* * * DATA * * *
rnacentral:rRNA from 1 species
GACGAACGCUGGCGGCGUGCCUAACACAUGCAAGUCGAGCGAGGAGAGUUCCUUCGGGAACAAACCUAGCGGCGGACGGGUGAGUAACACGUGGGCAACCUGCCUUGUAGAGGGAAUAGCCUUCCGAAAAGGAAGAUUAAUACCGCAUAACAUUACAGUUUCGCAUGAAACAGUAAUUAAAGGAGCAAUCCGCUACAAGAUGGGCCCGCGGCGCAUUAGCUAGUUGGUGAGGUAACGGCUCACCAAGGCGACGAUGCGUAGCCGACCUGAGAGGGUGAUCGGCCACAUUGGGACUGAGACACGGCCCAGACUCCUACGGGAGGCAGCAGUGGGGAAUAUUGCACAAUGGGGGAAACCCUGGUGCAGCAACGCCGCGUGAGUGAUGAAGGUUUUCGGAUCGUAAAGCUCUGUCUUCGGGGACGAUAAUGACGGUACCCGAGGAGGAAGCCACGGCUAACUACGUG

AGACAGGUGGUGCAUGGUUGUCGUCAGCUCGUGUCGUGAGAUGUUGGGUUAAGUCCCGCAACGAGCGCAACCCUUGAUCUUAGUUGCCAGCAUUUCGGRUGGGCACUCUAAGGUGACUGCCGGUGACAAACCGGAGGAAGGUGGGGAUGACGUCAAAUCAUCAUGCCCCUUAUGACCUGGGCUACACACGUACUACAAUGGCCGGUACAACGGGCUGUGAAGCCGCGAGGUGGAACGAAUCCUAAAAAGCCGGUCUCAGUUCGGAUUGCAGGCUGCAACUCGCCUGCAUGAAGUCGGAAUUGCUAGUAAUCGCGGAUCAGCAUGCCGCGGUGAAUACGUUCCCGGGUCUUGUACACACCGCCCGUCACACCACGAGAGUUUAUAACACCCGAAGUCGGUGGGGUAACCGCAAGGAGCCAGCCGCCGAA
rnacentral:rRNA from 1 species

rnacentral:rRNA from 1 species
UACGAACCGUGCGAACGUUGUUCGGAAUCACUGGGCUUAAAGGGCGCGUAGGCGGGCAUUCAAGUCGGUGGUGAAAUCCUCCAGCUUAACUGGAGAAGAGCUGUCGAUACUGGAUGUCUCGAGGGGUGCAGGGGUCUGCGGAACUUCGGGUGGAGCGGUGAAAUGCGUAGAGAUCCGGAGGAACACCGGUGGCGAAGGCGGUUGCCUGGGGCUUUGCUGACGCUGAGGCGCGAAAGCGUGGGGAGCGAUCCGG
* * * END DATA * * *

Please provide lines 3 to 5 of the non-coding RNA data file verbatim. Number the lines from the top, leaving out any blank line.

AGACAGGUGGUGCAUGGUUGUCGUCAGCUCGUGUCGUGAGAUGUUGGGUUAAGUCCCGCAACGAGCGCAACCCUUGAUCUUAGUUGCCAGCAUUUCGGRUGGGCACUCUAAGGUGACUGCCGGUGACAAACCGGAGGAAGGUGGGGAUGACGUCAAAUCAUCAUGCCCCUUAUGACCUGGGCUACACACGUACUACAAUGGCCGGUACAACGGGCUGUGAAGCCGCGAGGUGGAACGAAUCCUAAAAAGCCGGUCUCAGUUCGGAUUGCAGGCUGCAACUCGCCUGCAUGAAGUCGGAAUUGCUAGUAAUCGCGGAUCAGCAUGCCGCGGUGAAUACGUUCCCGGGUCUUGUACACACCGCCCGUCACACCACGAGAGUUUAUAACACCCGAAGUCGGUGGGGUAACCGCAAGGAGCCAGCCGCCGAA
rnacentral:rRNA from 1 species

rnacentral:rRNA from 1 species